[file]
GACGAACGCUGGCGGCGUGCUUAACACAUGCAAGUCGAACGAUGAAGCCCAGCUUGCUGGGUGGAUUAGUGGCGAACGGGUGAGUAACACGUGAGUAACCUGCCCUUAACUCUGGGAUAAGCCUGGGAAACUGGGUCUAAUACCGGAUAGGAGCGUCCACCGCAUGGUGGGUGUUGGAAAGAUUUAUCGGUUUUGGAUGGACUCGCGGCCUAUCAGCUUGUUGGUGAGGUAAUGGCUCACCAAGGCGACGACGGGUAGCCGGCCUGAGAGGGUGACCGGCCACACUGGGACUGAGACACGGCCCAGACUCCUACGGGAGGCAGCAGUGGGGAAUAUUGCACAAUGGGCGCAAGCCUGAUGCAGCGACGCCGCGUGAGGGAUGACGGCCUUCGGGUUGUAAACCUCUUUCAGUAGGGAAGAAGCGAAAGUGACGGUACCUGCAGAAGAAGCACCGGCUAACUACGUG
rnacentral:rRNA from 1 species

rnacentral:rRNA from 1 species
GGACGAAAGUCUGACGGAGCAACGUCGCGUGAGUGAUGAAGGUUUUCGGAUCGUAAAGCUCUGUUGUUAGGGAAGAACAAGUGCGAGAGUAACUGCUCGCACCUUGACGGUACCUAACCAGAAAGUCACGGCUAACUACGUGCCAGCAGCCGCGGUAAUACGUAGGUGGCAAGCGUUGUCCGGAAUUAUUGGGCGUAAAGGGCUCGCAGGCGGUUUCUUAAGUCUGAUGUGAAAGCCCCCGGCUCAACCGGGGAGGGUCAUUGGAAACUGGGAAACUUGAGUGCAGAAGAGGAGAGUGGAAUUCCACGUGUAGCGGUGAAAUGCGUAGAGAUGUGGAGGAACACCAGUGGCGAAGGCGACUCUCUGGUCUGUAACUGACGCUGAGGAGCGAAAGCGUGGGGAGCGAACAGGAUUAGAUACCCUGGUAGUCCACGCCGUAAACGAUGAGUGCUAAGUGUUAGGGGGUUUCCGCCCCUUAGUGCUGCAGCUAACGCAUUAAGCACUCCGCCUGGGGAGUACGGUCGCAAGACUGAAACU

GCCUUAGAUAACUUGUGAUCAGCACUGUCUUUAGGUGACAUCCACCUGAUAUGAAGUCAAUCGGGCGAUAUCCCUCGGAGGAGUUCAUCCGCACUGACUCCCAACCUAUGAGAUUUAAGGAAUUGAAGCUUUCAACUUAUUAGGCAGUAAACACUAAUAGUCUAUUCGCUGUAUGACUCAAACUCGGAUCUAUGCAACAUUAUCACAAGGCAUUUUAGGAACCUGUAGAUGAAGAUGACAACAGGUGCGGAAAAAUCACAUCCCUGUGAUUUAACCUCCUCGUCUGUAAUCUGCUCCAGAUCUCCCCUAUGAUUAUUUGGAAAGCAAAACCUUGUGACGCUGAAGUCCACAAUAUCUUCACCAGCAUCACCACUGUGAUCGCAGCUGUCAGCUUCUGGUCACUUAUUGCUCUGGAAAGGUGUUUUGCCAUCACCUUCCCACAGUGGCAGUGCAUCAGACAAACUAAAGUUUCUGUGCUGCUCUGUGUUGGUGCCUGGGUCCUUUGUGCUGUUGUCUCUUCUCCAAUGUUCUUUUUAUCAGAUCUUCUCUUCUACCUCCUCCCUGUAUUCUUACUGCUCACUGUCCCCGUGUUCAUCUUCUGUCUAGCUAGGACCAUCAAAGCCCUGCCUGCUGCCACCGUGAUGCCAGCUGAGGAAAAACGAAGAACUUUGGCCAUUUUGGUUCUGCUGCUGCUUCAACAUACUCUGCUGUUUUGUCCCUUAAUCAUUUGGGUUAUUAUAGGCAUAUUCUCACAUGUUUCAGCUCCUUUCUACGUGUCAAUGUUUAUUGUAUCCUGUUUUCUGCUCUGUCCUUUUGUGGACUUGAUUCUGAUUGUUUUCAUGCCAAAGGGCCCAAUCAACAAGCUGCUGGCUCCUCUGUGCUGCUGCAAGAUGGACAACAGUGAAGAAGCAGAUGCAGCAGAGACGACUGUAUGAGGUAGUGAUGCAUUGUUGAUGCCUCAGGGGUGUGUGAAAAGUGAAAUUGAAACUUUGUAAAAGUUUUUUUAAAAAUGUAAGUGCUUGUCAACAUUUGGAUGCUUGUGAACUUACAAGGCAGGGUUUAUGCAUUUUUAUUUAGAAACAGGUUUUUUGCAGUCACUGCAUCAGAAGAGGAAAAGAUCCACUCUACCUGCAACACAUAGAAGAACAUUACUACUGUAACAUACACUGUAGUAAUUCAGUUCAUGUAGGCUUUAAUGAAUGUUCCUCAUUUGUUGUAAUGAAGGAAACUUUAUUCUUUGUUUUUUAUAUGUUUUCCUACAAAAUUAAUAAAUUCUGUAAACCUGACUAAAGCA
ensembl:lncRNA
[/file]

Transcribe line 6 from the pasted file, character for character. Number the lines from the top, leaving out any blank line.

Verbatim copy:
ensembl:lncRNA